located in small uplandbasins, or bedrockdepres- 25) of the sites are found in the lowlands and 9
Waters and Kuehn] PROCESSESON ARCHAEOLOGICAL
EFFECTOF GEOLOGICAL RECORD 487

percent (n = 16) are found on the intermediate 16

slopes. The unequal natureof landformsetting is


evident when sites from a larger portion of the 14
Badlands are statistically analyzed by chi-square
and discriminantfunction analysis. These analy- 12
ses indicatethat sites are not randomlydistributed
across the landscape but instead show that site W
I- 10-
densities are greatest in upland settings (Kuehn
1990, 1995). U.
In
O
Of the total number of recorded sites, 29 can 8-
be assigned to a specific time period based on the a
presence of diagnostic artifacts, stratigraphic zP 6

position, or associated radiocarbonages (Figure z


3; Kuehn 1990). The oldest components 4.
(Paleoindian,EarlyArchaic, and Middle Archaic)
dating before 3500 B.P. are all located on upland 2-
landforms in association with loess deposits
(Figure 4). In contrast, the percentage of Late
Archaic components in uplands decreases to 43 z
percent,while sites occur on the intermediateand a o
E
lowland landscapes for the first time, composing z I- c
43 and 14 percent of the sample, respectively w
-I UJ
(Figure 4). Late Prehistoricsites dating between
2000 B.P.and historiccontactabout200 years ago
1-
IL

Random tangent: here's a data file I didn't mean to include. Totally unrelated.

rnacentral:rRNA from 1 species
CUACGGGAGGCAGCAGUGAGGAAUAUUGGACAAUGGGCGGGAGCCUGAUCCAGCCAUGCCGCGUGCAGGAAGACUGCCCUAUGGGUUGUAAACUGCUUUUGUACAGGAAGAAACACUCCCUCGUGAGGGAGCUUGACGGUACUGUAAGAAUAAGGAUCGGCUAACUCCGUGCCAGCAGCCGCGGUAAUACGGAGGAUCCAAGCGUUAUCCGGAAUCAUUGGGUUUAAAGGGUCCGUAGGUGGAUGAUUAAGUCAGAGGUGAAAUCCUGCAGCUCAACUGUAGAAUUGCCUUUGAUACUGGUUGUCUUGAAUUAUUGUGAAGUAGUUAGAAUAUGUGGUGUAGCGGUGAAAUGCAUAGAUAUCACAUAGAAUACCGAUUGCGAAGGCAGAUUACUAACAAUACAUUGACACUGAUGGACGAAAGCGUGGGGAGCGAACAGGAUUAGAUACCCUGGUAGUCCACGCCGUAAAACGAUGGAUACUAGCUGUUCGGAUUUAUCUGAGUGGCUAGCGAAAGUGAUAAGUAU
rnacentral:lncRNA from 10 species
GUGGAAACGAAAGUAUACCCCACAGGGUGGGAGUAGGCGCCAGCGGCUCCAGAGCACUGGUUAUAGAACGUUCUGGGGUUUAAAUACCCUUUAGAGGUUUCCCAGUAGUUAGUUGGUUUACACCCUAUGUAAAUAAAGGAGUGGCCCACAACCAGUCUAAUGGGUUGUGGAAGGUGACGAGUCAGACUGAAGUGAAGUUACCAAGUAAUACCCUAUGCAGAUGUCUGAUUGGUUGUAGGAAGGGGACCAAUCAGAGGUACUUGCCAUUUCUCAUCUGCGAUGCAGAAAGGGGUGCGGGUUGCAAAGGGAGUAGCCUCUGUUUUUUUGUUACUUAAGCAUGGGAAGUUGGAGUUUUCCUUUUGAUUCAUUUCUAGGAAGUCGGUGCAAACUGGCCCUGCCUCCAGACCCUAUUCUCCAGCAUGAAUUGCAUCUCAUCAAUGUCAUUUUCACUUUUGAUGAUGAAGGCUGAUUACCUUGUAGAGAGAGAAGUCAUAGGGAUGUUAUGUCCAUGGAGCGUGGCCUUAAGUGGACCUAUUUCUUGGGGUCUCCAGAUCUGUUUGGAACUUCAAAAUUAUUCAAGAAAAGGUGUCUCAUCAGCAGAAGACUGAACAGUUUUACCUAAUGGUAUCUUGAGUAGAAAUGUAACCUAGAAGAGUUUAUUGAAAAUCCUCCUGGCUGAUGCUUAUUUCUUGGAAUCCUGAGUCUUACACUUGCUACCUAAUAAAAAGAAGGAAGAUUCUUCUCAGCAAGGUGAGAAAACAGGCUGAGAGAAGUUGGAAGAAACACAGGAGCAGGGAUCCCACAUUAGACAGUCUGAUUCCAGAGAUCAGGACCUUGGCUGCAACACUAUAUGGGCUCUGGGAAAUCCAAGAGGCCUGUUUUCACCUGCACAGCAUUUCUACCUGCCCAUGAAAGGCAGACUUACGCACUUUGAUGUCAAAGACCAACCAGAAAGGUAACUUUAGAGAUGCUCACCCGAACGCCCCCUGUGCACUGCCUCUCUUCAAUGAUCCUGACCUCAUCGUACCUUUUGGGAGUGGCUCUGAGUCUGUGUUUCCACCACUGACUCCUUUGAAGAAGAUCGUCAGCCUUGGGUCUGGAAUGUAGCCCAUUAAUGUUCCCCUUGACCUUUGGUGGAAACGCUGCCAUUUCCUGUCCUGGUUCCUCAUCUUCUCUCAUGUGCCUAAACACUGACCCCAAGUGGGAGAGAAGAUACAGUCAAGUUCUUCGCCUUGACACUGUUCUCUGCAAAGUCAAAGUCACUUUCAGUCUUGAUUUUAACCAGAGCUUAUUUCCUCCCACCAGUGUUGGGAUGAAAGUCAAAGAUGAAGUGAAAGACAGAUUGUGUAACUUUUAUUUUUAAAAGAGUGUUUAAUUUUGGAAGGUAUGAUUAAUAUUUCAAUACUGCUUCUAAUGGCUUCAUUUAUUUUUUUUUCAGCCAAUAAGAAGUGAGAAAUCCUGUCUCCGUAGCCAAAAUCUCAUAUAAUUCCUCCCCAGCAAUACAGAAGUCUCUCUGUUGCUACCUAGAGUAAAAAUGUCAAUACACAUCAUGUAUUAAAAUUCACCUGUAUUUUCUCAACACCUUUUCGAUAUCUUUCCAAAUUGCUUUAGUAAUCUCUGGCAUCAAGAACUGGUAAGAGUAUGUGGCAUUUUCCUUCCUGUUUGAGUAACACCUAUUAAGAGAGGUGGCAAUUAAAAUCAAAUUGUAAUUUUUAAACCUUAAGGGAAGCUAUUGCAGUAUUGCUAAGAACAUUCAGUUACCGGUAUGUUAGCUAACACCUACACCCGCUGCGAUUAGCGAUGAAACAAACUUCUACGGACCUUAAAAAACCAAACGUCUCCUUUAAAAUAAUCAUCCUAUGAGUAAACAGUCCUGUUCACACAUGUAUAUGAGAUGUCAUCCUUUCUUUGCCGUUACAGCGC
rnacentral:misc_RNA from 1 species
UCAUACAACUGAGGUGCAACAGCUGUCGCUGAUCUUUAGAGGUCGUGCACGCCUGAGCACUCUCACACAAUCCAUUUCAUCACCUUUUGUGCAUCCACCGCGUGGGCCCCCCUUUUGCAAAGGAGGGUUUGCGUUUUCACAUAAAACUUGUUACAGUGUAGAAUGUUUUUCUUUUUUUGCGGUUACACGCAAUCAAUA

(grouped here as including Plains Woodland,
Plains Village, and unclassified Late Prehistoric
groups) are found most frequentlyin upland set- ARCHAEOLOGICAL CHRONOLOGY
tings (50 percent), then in lowland locations (38
percent), and finally in intermediatesettings (12 Figure 3. Number of time-diagnostic sites in the South
percent). Late Prehistoric site locations show a Unit of Theodore Roosevelt National Park.
markedincreasein the numberof sites in lowland
settings. made largely uninhabitableby extensive down-
One of the first observationsthat can be made cutting and people preferredto live in the larger
from these distributionsis thatthere is an increase valleys like those found along the MissouriRiver.
in the number of sites with decreasing site age However, the last four authorsprovided another
(Figure 3). This may reflect increased utilization explanation: perhaps the absence of early sites
of the Badlands over time. In fact, Loendorf and was due to erosion.
others (1982:46-8) suggested that the Badlands Comparing the late Quaternary geological
received little human utilization during the late record with the archaeological record provides
Pleistocene and early Holocene because of a insights into the noted increase in the frequency
decline of local resource potential resulting from of sites over time. In the lowlands, there is virtu-